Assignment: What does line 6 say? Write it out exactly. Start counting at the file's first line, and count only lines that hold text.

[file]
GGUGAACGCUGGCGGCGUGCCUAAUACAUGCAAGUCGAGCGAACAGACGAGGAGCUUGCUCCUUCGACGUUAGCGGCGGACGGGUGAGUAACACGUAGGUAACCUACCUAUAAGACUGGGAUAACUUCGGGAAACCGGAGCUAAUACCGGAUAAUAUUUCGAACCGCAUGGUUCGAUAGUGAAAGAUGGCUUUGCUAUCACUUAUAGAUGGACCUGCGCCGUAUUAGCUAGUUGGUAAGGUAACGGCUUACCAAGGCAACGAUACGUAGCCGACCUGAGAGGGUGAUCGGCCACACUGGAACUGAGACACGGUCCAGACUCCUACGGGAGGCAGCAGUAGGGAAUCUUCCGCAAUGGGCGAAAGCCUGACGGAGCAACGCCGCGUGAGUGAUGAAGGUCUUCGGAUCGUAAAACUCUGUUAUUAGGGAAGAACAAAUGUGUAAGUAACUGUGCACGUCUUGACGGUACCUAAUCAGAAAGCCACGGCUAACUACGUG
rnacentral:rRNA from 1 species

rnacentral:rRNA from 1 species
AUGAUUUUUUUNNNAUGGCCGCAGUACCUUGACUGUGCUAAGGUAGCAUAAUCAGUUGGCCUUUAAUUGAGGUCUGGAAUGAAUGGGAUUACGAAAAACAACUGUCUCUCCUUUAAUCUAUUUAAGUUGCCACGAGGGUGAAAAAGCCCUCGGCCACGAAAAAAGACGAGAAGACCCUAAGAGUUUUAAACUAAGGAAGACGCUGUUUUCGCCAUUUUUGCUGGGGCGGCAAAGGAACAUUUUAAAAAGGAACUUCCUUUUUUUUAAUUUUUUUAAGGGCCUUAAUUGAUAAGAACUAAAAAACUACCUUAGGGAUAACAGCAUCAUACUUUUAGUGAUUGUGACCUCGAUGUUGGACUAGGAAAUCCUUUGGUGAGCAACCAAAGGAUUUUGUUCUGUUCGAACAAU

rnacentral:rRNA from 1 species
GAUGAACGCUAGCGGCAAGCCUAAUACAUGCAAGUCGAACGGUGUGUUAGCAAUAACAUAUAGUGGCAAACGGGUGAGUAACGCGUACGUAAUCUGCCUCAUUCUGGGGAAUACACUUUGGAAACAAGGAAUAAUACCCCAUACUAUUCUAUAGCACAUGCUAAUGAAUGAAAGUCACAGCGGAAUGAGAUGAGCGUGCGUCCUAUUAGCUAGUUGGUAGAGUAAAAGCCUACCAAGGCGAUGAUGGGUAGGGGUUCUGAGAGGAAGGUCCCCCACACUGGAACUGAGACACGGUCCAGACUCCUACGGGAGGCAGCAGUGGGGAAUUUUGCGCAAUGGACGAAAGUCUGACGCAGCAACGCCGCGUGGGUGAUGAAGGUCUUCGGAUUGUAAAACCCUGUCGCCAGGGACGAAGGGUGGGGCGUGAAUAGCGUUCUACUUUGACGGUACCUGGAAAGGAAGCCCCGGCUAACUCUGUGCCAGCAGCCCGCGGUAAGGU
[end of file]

GAUGAACGCUAGCGGCAAGCCUAAUACAUGCAAGUCGAACGGUGUGUUAGCAAUAACAUAUAGUGGCAAACGGGUGAGUAACGCGUACGUAAUCUGCCUCAUUCUGGGGAAUACACUUUGGAAACAAGGAAUAAUACCCCAUACUAUUCUAUAGCACAUGCUAAUGAAUGAAAGUCACAGCGGAAUGAGAUGAGCGUGCGUCCUAUUAGCUAGUUGGUAGAGUAAAAGCCUACCAAGGCGAUGAUGGGUAGGGGUUCUGAGAGGAAGGUCCCCCACACUGGAACUGAGACACGGUCCAGACUCCUACGGGAGGCAGCAGUGGGGAAUUUUGCGCAAUGGACGAAAGUCUGACGCAGCAACGCCGCGUGGGUGAUGAAGGUCUUCGGAUUGUAAAACCCUGUCGCCAGGGACGAAGGGUGGGGCGUGAAUAGCGUUCUACUUUGACGGUACCUGGAAAGGAAGCCCCGGCUAACUCUGUGCCAGCAGCCCGCGGUAAGGU